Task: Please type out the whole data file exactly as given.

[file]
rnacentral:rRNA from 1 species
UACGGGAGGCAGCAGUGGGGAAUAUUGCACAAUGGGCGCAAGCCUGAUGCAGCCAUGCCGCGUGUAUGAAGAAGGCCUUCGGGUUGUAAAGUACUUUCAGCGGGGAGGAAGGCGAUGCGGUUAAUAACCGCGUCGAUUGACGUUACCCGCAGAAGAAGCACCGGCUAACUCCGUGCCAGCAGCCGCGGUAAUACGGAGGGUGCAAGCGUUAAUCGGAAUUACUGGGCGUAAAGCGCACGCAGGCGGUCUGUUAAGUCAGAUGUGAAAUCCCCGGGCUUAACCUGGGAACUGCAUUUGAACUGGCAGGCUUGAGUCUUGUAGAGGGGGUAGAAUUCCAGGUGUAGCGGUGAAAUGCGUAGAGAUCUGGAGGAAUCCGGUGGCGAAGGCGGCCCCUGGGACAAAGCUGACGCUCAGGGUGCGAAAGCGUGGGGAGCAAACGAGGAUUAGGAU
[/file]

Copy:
rnacentral:rRNA from 1 species
UACGGGAGGCAGCAGUGGGGAAUAUUGCACAAUGGGCGCAAGCCUGAUGCAGCCAUGCCGCGUGUAUGAAGAAGGCCUUCGGGUUGUAAAGUACUUUCAGCGGGGAGGAAGGCGAUGCGGUUAAUAACCGCGUCGAUUGACGUUACCCGCAGAAGAAGCACCGGCUAACUCCGUGCCAGCAGCCGCGGUAAUACGGAGGGUGCAAGCGUUAAUCGGAAUUACUGGGCGUAAAGCGCACGCAGGCGGUCUGUUAAGUCAGAUGUGAAAUCCCCGGGCUUAACCUGGGAACUGCAUUUGAACUGGCAGGCUUGAGUCUUGUAGAGGGGGUAGAAUUCCAGGUGUAGCGGUGAAAUGCGUAGAGAUCUGGAGGAAUCCGGUGGCGAAGGCGGCCCCUGGGACAAAGCUGACGCUCAGGGUGCGAAAGCGUGGGGAGCAAACGAGGAUUAGGAU